“When the Central Subway is complete, our city will see a stronger economy, a larger workforce, decreased pollution, less congestion, and faster, safer commutes,” Pelosi added. “Working with partners and leaders from government, business, and the community, this project will serve as an economic engine for our city, improve and enhance our infrastructure, and connect the diverse communities of San Francisco.”
The FFGA will help fund construction of the subway tunnels, subway stations, surface-level stations, train tracks, and operating systems that make up the service extension. New vehicles, utility relocation and project design, planning, and administration are also included in the total project cost.
Out of the total $942.2 million in the FFGA, the Central Subway project has received $94.2 million in New Starts funds. The remainder will be distributed in annual allocations as the project progresses.
The second phase of the two-phase Third Street Light Rail Project, the Central Subway is expected to cost about $1.6 billion; state and local funding sources will cover the balance beyond the FFGA.
SFMTA projects that, with the opening of the Central Subway, the T Third Line will become the most heavily used line in the Muni Metro system by 2030. About 65,000 customers per day are projected to ride the T Third Line in that year—about 20 percent more than are projected to ride the most heavily used existing Muni Metro line, the N Judah Line.


DOT Secretary Ray LaHood, at podium, joins other officials and community leaders in present the FFGA for San Francisco’s Central Subway project. 

Scranton’s COLTS Assumes Responsibility for Paratransit

The County of Lackawanna Transit System (COLTS) in Scranton, PA, has assumed responsibility for providing shared-ride and paratransit services for older Americans and persons with disabilities. The county government previously provided these coordinated transportation services.
The transfer of services became official last month following approval by the Lackawanna County Commissioners. Pennsylvania DOT will pay the consolidation costs for the change, which will go into effect Jan. 1, 2013.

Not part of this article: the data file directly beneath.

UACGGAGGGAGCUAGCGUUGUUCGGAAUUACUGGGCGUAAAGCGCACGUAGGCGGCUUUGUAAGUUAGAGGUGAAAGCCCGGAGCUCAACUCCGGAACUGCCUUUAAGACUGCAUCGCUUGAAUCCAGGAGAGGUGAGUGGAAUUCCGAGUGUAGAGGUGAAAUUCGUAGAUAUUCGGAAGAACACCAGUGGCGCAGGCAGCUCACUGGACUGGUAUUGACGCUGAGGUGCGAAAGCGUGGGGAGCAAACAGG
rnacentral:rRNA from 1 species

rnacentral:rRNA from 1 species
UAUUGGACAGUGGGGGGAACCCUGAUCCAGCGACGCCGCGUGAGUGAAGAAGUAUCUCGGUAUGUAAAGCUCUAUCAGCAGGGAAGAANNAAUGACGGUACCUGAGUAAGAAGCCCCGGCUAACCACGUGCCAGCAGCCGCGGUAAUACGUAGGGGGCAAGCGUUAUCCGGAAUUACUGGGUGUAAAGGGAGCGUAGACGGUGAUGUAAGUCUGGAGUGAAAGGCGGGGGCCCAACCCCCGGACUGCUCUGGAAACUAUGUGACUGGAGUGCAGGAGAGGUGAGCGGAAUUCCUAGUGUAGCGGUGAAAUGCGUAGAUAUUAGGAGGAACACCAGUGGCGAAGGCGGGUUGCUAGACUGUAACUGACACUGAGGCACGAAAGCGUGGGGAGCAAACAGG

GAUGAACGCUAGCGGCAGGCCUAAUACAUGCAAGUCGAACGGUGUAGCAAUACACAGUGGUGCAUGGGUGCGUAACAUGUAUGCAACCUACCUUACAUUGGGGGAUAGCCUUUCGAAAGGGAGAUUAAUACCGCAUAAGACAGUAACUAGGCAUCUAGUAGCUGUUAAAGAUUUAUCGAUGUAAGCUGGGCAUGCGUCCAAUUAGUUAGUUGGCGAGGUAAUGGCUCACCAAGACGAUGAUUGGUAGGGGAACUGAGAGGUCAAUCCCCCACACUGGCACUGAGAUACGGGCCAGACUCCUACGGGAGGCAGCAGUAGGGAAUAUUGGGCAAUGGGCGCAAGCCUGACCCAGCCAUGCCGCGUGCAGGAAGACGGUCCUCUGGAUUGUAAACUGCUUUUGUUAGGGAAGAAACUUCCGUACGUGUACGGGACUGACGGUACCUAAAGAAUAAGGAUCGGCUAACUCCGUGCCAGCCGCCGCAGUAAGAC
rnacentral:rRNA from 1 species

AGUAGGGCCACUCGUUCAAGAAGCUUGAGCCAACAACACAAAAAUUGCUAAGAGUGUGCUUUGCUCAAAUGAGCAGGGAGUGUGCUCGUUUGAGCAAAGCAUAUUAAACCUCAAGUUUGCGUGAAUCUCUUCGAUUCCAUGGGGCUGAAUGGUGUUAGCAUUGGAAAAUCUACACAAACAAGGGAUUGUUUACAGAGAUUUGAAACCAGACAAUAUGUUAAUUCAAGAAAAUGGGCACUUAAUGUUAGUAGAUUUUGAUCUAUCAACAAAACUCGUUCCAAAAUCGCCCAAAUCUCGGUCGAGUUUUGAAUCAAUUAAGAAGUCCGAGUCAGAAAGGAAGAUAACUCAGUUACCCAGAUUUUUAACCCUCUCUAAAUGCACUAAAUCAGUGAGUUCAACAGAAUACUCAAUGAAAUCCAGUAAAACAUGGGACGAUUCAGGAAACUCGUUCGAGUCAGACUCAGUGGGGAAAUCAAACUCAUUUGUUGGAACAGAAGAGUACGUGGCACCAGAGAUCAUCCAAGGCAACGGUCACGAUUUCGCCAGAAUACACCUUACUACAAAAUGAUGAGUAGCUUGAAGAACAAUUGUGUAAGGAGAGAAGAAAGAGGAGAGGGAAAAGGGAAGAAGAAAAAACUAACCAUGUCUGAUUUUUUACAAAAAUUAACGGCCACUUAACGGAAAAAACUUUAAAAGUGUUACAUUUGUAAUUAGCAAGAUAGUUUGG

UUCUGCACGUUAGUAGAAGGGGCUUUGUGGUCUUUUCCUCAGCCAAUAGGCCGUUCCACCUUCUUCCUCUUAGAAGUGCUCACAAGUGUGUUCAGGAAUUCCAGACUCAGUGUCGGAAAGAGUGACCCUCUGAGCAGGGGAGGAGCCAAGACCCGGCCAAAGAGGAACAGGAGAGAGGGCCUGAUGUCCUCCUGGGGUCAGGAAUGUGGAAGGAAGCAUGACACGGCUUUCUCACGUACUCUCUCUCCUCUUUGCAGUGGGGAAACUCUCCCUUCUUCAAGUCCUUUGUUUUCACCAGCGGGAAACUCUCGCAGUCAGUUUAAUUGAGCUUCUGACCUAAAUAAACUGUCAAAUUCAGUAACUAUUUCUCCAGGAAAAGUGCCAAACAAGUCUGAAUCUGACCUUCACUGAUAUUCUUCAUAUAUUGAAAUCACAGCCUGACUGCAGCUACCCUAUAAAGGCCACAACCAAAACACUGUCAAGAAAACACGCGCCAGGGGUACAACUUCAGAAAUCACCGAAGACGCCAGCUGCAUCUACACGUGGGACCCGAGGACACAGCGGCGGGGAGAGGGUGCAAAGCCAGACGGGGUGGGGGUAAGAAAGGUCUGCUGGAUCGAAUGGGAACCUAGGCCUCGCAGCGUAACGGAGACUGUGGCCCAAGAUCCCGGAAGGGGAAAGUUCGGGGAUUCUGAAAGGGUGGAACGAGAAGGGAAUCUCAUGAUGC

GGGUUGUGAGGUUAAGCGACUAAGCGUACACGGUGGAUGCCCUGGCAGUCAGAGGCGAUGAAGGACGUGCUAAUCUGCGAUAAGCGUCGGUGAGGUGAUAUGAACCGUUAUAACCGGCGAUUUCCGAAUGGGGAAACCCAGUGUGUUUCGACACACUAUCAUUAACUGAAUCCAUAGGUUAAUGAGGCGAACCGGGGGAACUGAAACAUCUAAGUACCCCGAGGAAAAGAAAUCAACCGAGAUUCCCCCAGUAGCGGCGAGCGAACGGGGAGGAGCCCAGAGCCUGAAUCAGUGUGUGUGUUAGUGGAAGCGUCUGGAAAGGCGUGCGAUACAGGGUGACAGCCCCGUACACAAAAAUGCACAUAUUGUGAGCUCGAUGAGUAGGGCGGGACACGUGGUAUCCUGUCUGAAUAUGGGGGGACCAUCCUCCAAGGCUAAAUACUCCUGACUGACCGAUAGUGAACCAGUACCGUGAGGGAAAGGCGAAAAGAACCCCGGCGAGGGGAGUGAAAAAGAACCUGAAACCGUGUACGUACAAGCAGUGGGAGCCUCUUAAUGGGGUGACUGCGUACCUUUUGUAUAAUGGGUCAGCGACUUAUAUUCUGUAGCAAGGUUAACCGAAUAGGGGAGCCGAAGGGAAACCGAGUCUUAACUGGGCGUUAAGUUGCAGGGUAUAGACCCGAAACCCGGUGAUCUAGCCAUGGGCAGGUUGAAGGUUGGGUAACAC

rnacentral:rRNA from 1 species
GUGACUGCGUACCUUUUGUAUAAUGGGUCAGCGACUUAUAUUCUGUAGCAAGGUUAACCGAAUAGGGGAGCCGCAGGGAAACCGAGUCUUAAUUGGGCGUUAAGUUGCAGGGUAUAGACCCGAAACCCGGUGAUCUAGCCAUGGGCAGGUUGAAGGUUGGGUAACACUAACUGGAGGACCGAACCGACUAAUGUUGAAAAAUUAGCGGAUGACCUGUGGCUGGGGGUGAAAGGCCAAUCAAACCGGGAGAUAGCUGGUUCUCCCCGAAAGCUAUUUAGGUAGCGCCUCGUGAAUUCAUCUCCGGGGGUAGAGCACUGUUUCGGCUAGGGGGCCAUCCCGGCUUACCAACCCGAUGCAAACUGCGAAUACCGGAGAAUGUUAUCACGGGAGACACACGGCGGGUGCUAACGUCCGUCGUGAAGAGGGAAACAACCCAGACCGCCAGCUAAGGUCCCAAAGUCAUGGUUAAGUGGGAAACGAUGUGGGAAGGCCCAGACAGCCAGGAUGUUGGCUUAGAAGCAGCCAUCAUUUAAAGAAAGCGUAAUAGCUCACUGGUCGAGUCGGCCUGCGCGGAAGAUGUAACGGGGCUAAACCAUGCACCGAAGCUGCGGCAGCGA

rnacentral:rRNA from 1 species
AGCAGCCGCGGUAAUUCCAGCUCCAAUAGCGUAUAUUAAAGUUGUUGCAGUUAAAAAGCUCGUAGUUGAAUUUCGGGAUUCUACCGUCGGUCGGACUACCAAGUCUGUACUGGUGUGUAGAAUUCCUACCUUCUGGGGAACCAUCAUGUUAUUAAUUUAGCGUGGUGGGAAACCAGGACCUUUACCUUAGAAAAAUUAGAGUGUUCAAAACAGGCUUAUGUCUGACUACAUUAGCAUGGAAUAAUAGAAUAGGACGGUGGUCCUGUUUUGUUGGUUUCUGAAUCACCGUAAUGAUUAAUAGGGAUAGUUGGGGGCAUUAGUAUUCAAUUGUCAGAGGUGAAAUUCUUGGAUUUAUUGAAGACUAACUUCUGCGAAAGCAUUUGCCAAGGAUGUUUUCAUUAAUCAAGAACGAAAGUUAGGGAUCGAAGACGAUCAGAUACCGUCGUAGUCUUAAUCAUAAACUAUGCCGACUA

Lackawanna County officials said they expect the fusion of services to improve operations, reduce costs, and eliminate redundancy. The current coordinated transportation system operates at a deficit, with the county government covering the difference between actual costs and funding received from the state and other sources. The subsidy costs county taxpayers about $950,000 annually.
The county will subsidize the coordinated transportation services with $1.1 million to COLTS over the next four years, after which time the subsidies will cease. 

T&I’s Rose to Head Operation Lifesaver

Joyce Rose, staff director for the House Transportation and Infrastructure (T&I) Subcommittee on Railroads, Pipelines, and Hazardous Materials, is joining Operation Lifesaver Inc. (OLI) Dec. 3 as its president and chief executive officer.
Rose is a veteran congressional staffer with more than 20 years of experience in transportation policy.
She became staff director for the Railroads Subcommittee in 2008, after serving as a professional staff member on the T&I Highways and Transit Subcommittee. Earlier she worked for the Senate Appropriations Committee.

In her current position, Rose drafted, negotiated, and helped secure passage of Moving Ahead for Progress in the 21st Century. She also helped draft the transit provisions of the previous surface transportation authorization bill, SAFETEA-LU, in 2005.

Ways to Attract Veterans to the Transportation Arena Dominates Forum Discussion

BY BARRINGTON SALMON, Special to Passenger Transport

Veterans and the public transportation industry seem to be a perfect fit in a number of ways, but some formidable obstacles stand in the way of bringing these entities together.
The consensus that arose from three hours of discussion at an Oct. 18 forum, “Veterans Transportation Career Opportunities,” is that all partners must attempt to do everything they can to make the transition of soldiers from the military to the civilian workforce as seamless as possible.